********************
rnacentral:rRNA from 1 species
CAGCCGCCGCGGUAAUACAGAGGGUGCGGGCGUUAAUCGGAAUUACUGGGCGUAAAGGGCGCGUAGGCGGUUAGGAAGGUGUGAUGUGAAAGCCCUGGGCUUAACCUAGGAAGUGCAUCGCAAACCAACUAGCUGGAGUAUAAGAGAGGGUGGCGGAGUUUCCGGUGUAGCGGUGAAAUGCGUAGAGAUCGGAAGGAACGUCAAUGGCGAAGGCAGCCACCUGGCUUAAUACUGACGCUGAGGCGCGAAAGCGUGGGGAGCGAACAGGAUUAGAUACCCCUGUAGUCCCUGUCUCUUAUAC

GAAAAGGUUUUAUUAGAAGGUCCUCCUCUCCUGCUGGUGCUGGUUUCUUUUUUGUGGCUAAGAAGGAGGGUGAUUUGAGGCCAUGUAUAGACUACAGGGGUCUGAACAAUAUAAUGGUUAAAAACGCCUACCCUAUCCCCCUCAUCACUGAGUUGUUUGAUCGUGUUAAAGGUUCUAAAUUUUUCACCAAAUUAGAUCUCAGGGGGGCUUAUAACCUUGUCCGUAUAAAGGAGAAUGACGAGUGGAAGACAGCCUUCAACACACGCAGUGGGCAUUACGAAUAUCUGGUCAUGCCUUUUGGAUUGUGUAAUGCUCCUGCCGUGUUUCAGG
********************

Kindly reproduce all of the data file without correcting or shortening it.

rnacentral:rRNA from 1 species
CAGCCGCCGCGGUAAUACAGAGGGUGCGGGCGUUAAUCGGAAUUACUGGGCGUAAAGGGCGCGUAGGCGGUUAGGAAGGUGUGAUGUGAAAGCCCUGGGCUUAACCUAGGAAGUGCAUCGCAAACCAACUAGCUGGAGUAUAAGAGAGGGUGGCGGAGUUUCCGGUGUAGCGGUGAAAUGCGUAGAGAUCGGAAGGAACGUCAAUGGCGAAGGCAGCCACCUGGCUUAAUACUGACGCUGAGGCGCGAAAGCGUGGGGAGCGAACAGGAUUAGAUACCCCUGUAGUCCCUGUCUCUUAUAC

GAAAAGGUUUUAUUAGAAGGUCCUCCUCUCCUGCUGGUGCUGGUUUCUUUUUUGUGGCUAAGAAGGAGGGUGAUUUGAGGCCAUGUAUAGACUACAGGGGUCUGAACAAUAUAAUGGUUAAAAACGCCUACCCUAUCCCCCUCAUCACUGAGUUGUUUGAUCGUGUUAAAGGUUCUAAAUUUUUCACCAAAUUAGAUCUCAGGGGGGCUUAUAACCUUGUCCGUAUAAAGGAGAAUGACGAGUGGAAGACAGCCUUCAACACACGCAGUGGGCAUUACGAAUAUCUGGUCAUGCCUUUUGGAUUGUGUAAUGCUCCUGCCGUGUUUCAGG